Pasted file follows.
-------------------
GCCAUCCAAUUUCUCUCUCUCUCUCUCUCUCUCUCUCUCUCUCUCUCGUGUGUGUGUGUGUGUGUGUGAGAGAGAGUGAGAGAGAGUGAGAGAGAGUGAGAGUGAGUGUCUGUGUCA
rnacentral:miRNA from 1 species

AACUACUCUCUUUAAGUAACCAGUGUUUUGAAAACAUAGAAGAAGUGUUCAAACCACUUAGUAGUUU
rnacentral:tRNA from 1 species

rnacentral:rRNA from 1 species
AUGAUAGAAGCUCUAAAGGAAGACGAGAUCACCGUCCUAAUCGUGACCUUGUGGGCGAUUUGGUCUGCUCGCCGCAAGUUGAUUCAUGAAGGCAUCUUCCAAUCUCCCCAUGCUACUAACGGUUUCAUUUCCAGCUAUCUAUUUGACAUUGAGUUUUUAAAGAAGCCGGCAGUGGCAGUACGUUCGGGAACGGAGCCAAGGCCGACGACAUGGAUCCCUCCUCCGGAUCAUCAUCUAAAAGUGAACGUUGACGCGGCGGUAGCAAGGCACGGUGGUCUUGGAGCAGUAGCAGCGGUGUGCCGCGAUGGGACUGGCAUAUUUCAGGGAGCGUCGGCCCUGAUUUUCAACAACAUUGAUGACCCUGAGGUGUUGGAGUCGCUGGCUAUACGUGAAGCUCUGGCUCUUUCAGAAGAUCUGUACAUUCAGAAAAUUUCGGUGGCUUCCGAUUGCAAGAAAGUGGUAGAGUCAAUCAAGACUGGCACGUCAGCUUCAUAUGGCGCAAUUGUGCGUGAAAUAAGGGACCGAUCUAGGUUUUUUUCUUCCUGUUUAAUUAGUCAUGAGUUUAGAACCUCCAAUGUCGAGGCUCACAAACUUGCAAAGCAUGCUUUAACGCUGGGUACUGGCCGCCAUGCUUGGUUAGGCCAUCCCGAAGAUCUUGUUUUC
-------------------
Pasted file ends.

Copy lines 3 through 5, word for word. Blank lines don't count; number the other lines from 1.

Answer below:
AACUACUCUCUUUAAGUAACCAGUGUUUUGAAAACAUAGAAGAAGUGUUCAAACCACUUAGUAGUUU
rnacentral:tRNA from 1 species

rnacentral:rRNA from 1 species